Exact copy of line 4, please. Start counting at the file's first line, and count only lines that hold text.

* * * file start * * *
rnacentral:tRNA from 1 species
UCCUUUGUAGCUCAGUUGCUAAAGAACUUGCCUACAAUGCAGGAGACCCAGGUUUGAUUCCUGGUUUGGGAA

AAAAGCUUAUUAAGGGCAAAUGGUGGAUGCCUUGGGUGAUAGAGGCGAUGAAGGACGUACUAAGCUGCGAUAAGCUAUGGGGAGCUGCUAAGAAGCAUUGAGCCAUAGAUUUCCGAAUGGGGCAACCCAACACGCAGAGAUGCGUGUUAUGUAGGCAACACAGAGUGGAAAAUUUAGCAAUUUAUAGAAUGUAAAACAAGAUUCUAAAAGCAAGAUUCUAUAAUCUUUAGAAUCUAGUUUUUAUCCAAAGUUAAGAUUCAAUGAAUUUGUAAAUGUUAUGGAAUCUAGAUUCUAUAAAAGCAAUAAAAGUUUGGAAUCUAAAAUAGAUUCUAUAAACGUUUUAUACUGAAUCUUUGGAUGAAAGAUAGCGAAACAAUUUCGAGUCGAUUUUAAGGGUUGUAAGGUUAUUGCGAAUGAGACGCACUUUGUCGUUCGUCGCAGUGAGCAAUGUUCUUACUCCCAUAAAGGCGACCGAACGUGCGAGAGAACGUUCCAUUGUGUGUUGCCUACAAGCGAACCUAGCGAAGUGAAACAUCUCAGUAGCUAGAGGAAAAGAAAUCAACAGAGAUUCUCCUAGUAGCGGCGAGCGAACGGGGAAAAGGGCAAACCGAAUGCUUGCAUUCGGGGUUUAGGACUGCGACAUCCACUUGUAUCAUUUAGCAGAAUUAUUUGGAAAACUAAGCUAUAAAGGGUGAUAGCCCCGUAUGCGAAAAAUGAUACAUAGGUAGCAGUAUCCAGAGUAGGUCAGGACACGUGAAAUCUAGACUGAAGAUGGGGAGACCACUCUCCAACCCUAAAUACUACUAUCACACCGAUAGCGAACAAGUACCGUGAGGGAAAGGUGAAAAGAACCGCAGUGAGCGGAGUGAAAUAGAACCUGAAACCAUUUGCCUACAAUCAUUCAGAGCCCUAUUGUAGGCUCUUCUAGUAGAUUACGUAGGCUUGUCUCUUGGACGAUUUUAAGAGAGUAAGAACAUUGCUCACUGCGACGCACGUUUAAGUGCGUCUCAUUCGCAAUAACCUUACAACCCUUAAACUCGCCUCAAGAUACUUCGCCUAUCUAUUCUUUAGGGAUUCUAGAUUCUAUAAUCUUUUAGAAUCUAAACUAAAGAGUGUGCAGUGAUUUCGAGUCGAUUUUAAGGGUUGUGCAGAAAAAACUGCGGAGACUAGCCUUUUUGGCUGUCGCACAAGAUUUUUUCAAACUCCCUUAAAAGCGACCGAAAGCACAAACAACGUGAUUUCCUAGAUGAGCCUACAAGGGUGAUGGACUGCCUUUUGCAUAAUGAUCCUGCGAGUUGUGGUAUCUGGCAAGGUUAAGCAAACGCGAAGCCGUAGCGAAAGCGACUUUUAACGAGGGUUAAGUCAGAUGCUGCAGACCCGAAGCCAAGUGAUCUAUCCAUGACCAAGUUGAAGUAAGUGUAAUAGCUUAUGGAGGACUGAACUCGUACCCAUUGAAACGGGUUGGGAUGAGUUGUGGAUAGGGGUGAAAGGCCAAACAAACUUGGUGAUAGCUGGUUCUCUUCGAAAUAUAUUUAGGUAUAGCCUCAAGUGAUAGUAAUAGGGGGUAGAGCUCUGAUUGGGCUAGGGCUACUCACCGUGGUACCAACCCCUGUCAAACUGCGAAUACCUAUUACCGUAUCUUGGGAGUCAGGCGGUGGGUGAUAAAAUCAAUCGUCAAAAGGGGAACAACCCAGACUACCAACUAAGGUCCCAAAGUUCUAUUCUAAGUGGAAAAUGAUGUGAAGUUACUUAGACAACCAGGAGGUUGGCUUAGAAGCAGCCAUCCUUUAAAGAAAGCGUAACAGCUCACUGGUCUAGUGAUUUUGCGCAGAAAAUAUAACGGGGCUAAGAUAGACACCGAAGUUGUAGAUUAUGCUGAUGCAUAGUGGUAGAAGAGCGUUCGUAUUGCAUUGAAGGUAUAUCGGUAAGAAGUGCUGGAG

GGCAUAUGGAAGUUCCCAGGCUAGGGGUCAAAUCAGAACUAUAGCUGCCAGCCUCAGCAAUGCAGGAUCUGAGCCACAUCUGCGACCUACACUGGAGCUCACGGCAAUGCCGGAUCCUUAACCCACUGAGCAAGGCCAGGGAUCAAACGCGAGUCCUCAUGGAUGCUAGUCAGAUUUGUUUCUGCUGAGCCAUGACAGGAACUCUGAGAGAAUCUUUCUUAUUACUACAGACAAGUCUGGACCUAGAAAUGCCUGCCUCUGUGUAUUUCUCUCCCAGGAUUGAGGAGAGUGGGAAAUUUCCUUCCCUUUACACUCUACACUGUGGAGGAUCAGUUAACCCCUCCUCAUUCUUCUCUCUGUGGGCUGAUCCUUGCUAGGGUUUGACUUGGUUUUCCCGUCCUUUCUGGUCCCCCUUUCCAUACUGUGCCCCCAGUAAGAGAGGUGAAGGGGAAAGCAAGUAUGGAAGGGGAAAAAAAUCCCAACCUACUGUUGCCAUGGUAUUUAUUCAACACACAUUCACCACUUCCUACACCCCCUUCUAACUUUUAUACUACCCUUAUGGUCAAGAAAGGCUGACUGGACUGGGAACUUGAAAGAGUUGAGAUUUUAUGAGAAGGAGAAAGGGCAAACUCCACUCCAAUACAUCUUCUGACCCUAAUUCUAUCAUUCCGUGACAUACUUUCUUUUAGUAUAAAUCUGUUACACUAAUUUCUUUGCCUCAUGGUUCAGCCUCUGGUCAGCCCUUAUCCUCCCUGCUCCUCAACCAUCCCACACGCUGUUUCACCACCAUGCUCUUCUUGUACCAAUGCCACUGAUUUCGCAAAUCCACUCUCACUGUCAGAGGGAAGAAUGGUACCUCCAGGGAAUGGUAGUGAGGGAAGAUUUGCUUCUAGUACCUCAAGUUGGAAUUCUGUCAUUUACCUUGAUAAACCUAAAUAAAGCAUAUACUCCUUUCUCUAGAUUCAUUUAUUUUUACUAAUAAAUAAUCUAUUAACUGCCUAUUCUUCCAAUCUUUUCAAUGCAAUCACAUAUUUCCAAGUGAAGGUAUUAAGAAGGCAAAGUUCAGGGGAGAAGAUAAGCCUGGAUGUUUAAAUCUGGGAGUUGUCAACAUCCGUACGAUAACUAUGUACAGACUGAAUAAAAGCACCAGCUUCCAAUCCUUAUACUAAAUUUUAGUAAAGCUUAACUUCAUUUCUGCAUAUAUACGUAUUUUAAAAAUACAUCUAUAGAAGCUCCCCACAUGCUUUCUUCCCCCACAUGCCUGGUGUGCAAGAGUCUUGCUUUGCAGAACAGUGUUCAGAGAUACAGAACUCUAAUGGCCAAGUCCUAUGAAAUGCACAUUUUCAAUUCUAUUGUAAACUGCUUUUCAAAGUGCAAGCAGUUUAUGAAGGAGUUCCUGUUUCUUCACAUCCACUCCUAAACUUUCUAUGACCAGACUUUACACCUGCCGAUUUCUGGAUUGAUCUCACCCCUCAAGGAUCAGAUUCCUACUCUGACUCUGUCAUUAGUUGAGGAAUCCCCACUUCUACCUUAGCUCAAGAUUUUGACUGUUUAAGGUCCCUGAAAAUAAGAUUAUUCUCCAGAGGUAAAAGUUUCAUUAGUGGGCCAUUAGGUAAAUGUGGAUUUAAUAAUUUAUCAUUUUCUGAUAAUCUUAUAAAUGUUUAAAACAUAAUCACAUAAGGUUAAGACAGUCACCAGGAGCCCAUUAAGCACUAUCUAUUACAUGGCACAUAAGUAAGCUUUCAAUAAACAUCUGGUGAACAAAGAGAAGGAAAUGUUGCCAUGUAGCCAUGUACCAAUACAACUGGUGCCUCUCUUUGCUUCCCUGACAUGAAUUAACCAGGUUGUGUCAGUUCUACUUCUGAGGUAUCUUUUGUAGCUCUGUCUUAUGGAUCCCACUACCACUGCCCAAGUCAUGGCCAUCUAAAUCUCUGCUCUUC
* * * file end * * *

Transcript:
GGCAUAUGGAAGUUCCCAGGCUAGGGGUCAAAUCAGAACUAUAGCUGCCAGCCUCAGCAAUGCAGGAUCUGAGCCACAUCUGCGACCUACACUGGAGCUCACGGCAAUGCCGGAUCCUUAACCCACUGAGCAAGGCCAGGGAUCAAACGCGAGUCCUCAUGGAUGCUAGUCAGAUUUGUUUCUGCUGAGCCAUGACAGGAACUCUGAGAGAAUCUUUCUUAUUACUACAGACAAGUCUGGACCUAGAAAUGCCUGCCUCUGUGUAUUUCUCUCCCAGGAUUGAGGAGAGUGGGAAAUUUCCUUCCCUUUACACUCUACACUGUGGAGGAUCAGUUAACCCCUCCUCAUUCUUCUCUCUGUGGGCUGAUCCUUGCUAGGGUUUGACUUGGUUUUCCCGUCCUUUCUGGUCCCCCUUUCCAUACUGUGCCCCCAGUAAGAGAGGUGAAGGGGAAAGCAAGUAUGGAAGGGGAAAAAAAUCCCAACCUACUGUUGCCAUGGUAUUUAUUCAACACACAUUCACCACUUCCUACACCCCCUUCUAACUUUUAUACUACCCUUAUGGUCAAGAAAGGCUGACUGGACUGGGAACUUGAAAGAGUUGAGAUUUUAUGAGAAGGAGAAAGGGCAAACUCCACUCCAAUACAUCUUCUGACCCUAAUUCUAUCAUUCCGUGACAUACUUUCUUUUAGUAUAAAUCUGUUACACUAAUUUCUUUGCCUCAUGGUUCAGCCUCUGGUCAGCCCUUAUCCUCCCUGCUCCUCAACCAUCCCACACGCUGUUUCACCACCAUGCUCUUCUUGUACCAAUGCCACUGAUUUCGCAAAUCCACUCUCACUGUCAGAGGGAAGAAUGGUACCUCCAGGGAAUGGUAGUGAGGGAAGAUUUGCUUCUAGUACCUCAAGUUGGAAUUCUGUCAUUUACCUUGAUAAACCUAAAUAAAGCAUAUACUCCUUUCUCUAGAUUCAUUUAUUUUUACUAAUAAAUAAUCUAUUAACUGCCUAUUCUUCCAAUCUUUUCAAUGCAAUCACAUAUUUCCAAGUGAAGGUAUUAAGAAGGCAAAGUUCAGGGGAGAAGAUAAGCCUGGAUGUUUAAAUCUGGGAGUUGUCAACAUCCGUACGAUAACUAUGUACAGACUGAAUAAAAGCACCAGCUUCCAAUCCUUAUACUAAAUUUUAGUAAAGCUUAACUUCAUUUCUGCAUAUAUACGUAUUUUAAAAAUACAUCUAUAGAAGCUCCCCACAUGCUUUCUUCCCCCACAUGCCUGGUGUGCAAGAGUCUUGCUUUGCAGAACAGUGUUCAGAGAUACAGAACUCUAAUGGCCAAGUCCUAUGAAAUGCACAUUUUCAAUUCUAUUGUAAACUGCUUUUCAAAGUGCAAGCAGUUUAUGAAGGAGUUCCUGUUUCUUCACAUCCACUCCUAAACUUUCUAUGACCAGACUUUACACCUGCCGAUUUCUGGAUUGAUCUCACCCCUCAAGGAUCAGAUUCCUACUCUGACUCUGUCAUUAGUUGAGGAAUCCCCACUUCUACCUUAGCUCAAGAUUUUGACUGUUUAAGGUCCCUGAAAAUAAGAUUAUUCUCCAGAGGUAAAAGUUUCAUUAGUGGGCCAUUAGGUAAAUGUGGAUUUAAUAAUUUAUCAUUUUCUGAUAAUCUUAUAAAUGUUUAAAACAUAAUCACAUAAGGUUAAGACAGUCACCAGGAGCCCAUUAAGCACUAUCUAUUACAUGGCACAUAAGUAAGCUUUCAAUAAACAUCUGGUGAACAAAGAGAAGGAAAUGUUGCCAUGUAGCCAUGUACCAAUACAACUGGUGCCUCUCUUUGCUUCCCUGACAUGAAUUAACCAGGUUGUGUCAGUUCUACUUCUGAGGUAUCUUUUGUAGCUCUGUCUUAUGGAUCCCACUACCACUGCCCAAGUCAUGGCCAUCUAAAUCUCUGCUCUUC